26 Oct

Enduring Vague Curiosity

After seeing the new Bond film, I’ve just noticed on IMDB that Ben Whishaw, who plays Q, was in the film of Enduring Love, which also starred Daniel Craig.

This caught my attention mainly because I developed a very slight fixation with Enduring Love after seeing the trailer as a teenager. Fixation is of course a rather appropriate response to have to Enduring Love, but I didn’t know that at the time because I didn’t have any lasting impression of what the film was about. Despite that, it somehow caught my attention, even as I completely failed to fix in my memory what it was called. I remembered the scene with the hot air balloon, and (entirely mistakenly) that it featured Jim Carrey in a rare serious role. The first of these might just have been enough for me to track down the film; the second neatly sabotaged my efforts.

Nothing came of this until I found a copy of the novel on one of my parents’ bookshelves. It had a balloon and a reference to a major film on the cover, which was basically enough to confirm that this was the book on which the film I had sustained a nagging interest in for a few years was based. By this time, that interest had decayed into curiosity about what the film was. The cover was enough to resolve that, and some rudimentary Googling was enough to disabuse me of my notion that the part of the mentally ill stalker was played by Ace Ventura, Pet Detective. Some time later, I finally got around to reading Enduring Love, and found it OK.

I still haven’t seen the film, but this tiny coincidence brought it to my mind. That coincidence is of course slightly boosted by the fact that the plot of Enduring Love is driven by someone falling out of the sky. I looked up the trailer on YouTube. At the very start of it, Daniel Craig puts a lot of emphasis on the word ‘bond’, and then Rhys Ifans (who looks nothing like Jim Carrey) says ‘Everything happens for a reason’. I feel this final brace of coincidences, together with the manifest untruth of the latter statement, brings this minor obsession to a close, and I can safely never think about it again unless I decide at some point to actually watch the unremarkably-received film of a novel I enjoyed a bit.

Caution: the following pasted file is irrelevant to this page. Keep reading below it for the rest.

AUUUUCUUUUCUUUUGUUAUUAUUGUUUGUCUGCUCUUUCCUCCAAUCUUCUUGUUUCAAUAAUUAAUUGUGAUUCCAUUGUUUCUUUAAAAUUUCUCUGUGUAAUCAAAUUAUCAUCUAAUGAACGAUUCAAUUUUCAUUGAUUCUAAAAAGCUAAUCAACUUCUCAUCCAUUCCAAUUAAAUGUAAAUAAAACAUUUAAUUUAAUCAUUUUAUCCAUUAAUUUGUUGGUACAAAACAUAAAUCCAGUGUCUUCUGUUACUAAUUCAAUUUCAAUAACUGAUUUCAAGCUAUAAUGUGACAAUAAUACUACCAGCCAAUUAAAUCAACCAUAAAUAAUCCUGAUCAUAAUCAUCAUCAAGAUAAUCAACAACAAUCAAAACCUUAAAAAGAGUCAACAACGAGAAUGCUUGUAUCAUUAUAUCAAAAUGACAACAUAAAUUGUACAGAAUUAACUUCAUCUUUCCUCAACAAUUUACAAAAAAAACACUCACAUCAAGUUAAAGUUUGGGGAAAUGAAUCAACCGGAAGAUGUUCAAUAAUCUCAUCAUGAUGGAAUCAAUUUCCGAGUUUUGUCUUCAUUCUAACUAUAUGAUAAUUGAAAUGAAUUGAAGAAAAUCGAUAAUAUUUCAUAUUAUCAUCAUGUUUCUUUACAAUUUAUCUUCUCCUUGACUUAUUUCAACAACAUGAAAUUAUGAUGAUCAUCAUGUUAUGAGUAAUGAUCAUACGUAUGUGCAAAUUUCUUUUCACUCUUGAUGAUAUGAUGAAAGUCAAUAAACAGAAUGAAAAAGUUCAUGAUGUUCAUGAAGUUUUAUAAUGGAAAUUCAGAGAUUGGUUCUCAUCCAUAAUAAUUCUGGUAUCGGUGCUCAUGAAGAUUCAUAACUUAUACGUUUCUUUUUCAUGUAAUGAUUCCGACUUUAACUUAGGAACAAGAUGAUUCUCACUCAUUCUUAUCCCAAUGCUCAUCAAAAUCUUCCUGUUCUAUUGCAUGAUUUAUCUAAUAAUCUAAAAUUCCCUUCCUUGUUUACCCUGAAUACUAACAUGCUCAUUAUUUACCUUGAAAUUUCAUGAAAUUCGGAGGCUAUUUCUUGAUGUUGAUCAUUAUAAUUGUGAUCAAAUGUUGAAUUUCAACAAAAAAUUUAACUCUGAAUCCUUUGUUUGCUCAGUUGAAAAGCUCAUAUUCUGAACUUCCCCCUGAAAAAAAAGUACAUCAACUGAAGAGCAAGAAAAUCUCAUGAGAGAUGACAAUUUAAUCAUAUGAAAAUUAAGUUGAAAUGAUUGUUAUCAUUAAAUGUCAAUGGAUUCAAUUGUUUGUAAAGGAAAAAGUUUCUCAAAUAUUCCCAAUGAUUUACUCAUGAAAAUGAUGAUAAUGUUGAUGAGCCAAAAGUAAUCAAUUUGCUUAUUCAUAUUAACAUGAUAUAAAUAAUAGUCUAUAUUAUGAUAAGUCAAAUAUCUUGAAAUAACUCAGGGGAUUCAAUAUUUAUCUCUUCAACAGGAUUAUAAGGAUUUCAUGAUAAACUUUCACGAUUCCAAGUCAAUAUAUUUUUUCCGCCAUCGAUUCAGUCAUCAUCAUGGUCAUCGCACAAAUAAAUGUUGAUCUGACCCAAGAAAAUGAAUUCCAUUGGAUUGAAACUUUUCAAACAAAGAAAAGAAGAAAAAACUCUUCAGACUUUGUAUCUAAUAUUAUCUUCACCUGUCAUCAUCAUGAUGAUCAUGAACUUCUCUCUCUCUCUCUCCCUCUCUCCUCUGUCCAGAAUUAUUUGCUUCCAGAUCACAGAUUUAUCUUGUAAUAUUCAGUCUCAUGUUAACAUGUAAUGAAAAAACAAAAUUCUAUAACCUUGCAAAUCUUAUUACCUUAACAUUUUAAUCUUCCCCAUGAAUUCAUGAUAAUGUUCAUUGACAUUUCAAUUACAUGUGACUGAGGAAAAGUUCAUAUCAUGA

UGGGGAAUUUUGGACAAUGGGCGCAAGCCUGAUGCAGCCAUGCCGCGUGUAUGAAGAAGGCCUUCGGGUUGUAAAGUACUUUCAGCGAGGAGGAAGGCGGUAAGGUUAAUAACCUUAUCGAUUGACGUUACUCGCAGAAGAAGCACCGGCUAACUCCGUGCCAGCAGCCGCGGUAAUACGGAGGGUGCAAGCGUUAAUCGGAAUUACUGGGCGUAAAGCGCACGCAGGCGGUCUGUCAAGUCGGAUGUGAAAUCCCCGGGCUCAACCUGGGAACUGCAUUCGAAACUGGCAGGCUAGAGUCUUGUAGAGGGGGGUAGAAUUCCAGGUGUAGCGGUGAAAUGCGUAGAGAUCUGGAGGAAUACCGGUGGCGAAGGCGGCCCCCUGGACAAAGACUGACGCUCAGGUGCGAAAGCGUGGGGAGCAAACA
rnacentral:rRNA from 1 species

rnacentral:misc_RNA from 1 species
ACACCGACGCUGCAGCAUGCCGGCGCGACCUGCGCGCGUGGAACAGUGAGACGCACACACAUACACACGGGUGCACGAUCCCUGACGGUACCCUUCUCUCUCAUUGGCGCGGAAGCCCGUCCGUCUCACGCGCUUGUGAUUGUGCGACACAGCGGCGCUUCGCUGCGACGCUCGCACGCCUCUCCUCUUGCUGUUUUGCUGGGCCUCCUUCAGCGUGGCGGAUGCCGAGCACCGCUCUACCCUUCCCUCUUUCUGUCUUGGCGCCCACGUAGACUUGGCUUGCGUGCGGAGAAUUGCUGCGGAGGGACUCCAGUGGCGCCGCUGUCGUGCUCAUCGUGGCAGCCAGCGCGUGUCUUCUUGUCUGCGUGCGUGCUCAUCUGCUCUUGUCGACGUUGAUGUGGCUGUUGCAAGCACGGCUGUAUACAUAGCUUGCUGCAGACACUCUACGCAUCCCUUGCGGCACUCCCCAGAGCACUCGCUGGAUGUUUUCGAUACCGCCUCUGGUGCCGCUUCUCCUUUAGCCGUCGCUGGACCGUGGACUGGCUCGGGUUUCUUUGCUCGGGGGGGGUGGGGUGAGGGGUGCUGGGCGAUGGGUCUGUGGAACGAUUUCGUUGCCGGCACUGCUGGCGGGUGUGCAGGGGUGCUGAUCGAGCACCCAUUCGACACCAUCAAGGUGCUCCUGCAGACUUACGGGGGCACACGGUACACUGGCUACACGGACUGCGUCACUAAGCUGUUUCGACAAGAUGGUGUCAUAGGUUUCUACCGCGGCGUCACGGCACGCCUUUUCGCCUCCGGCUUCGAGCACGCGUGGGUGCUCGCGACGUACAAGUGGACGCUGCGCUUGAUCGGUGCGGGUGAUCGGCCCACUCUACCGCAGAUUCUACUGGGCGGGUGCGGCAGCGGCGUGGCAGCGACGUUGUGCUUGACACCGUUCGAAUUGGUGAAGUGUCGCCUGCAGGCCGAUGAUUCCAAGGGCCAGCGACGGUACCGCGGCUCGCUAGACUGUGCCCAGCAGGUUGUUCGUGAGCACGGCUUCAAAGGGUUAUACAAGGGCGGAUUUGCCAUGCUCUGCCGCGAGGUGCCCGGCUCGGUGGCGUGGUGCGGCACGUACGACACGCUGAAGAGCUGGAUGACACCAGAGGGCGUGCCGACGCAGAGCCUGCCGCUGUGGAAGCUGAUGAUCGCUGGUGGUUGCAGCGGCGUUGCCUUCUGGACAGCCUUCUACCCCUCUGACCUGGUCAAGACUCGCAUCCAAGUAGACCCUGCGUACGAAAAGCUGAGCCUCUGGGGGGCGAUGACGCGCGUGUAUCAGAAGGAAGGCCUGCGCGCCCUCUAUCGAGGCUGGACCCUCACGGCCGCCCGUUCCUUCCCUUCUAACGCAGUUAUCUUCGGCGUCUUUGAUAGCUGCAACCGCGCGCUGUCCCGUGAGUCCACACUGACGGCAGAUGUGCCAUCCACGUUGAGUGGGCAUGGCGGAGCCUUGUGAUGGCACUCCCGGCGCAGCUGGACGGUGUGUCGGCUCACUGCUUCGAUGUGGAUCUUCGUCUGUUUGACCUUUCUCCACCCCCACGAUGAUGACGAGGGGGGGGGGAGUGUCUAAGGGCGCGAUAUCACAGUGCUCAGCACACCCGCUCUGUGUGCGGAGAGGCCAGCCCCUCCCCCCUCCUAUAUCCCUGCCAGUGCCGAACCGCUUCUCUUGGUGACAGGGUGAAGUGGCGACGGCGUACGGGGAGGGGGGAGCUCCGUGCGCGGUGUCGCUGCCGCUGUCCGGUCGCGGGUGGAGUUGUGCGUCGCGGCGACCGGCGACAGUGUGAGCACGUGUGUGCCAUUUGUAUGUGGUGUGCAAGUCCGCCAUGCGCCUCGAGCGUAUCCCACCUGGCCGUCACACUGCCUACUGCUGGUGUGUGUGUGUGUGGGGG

Incidentally, the trailer I’ve linked above features the name ‘Rhys Ifans’ in large capital letters, and doesn’t feature the name ‘Jim Carrey’ in any letters at all. I have decided that this is not the trailer I saw.

18 Sep

A rubbish word game

This tedious challenge popped into my head the other day. How long a chain of words can you make by adding one letter at a time to a starting word? For example:


You’re not obliged to start from a single letter, but it provides some easy steps.

Alternative rules:

  • disallow pluralization
  • allow changing one letter, word-ladder style, but not twice in succession
  • allow removing a letter instead of adding one, without repeating words

Post your best chains in the comments – or don’t, because this genuinely isn’t a very interesting game.

25 Aug

Announcing the winner of my recycling

The world’s greatest short story competition came to a close at the start of this month, and after a long judging process that has mainly involved going to work, doing lots of washing up and having a cold, I have chosen a winner.

It was a difficult decision: the field was very strong, and the fact that I had the minimum number of entries required to hold a competition meant that there was less opportunity for a stand-out entry to take the prize.

The winner is Paul Kilbey’s story about H from steps drinking a lot of gin. I would justify my decision, but I don’t think the absurdity of Paul’s story can be expressed by anything other than the story itself. I am a little worried about him.

You can read more evidence of Paul’s loose grip on reality at Pleasure Notes/Pure Seal Tones. He also does sensible writing about music and things but I don’t understand that quite as much.

Paul wins one of my used index cards every month for a year, starting in September.

25 Aug

Competition entry: Paul Kilbey

H from Steps was alone at last. Being fun-loving is exhausting, he mused to himself, as he stubbed out his cigarette and reclined into a bean bag. His friends never seemed to understand that “H” didn’t really stand for “Hyperactive,” as he used to tell journalists for a laugh, but for “Hushed,” “Heartbroken,” “Hurt.” Yes, that’s right, he mumbled, reaching for the gin. My friends don’t understand my pain. Maybe I should have called myself “P,” for “Pained” and “Pathetic.” How different, he thought, my life would be, if I had been P not H.

For starters, he’d never have got recruited for Steps if his name had been a homonym of an excretory function. There was just no way. So I’d probably just have stayed put at Butlins, where I used to work, he thought to himself, the cold glass rim of the gin bottle pressed between his lips like a delicious glass penis filled with gin, he thought to himself. And then what would have happened? I’d have spent my whole life smiling at wankers, telling them which way to the beach or whatever, and they’ve have been like, “Thanks.”